Presenting The Facts
A Fair Presentation of the Risk
At the heart of insurance contracts is an obvious truth: you have an enormous advantage over the insurer. You know all about your business, its history, processes, people and management, but the insurer knows nothing – other than what you tell them.
You have a statutory duty to make a fair presentation of the risk. You must tell the insurer:
- Every material circumstance which you know or ought to know and/or
- Sufficient information that would cause the insurer to make further enquiries, if necessary, to review those material circumstances
- Information must be disclosed in a manner that is reasonably clear and accessible.
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All commercial insurance policies are subject to an under-insurance clause, known as ‘Average’ The really important point here is that the difference between being adequately insured and under insured is usually only a small amount of premium. The difference in resultant claims settlement can be very significant.
This states that if the sum insured is lower than the value at risk, the Insurers will only pay claims proportionately.
Sum Insured 1,000
x claim £500 = £250
Property Value at risk 2,000
£250 is the amount of the claim payable by the insurer in this example. This is a small example, but it underlines the importance of getting your sums insured accurate.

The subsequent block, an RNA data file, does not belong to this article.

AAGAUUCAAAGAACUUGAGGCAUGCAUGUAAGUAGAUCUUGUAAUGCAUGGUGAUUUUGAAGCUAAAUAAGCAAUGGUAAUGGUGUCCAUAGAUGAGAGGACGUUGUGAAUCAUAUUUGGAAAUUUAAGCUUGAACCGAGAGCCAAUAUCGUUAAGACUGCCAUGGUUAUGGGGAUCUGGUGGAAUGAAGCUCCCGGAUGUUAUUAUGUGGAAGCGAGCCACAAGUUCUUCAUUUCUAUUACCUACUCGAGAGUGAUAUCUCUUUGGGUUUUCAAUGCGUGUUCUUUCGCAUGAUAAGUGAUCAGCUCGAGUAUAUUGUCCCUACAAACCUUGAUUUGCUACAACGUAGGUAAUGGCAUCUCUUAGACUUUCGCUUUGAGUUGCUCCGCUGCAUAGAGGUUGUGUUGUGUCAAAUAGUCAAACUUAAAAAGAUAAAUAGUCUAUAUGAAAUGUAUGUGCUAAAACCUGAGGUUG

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‘Warranties’ ‘Conditions Precedent’ and Policy Conditions
An insurance policy raises expectations of a certain future – but it’s a highly conditional contract. The devil is in the detail of the policy conditions. Some of these conditions have historical names like “Warranties” or “Conditions Precedent to Liability”, but what differentiates them from more routine Policy Conditions is making the cover conditional upon a behavioural input from the policy holder.
It is your own behaviour that will determine if that future is available to be claimed.
These conditions cover everything from the removal of waste from the premises, to the cleaning of kitchens, to the height and depth worked on construction sites, the setting of security systems, money transit security and much more.
Their importance cannot be overstated. Read more on Behavioral Conditions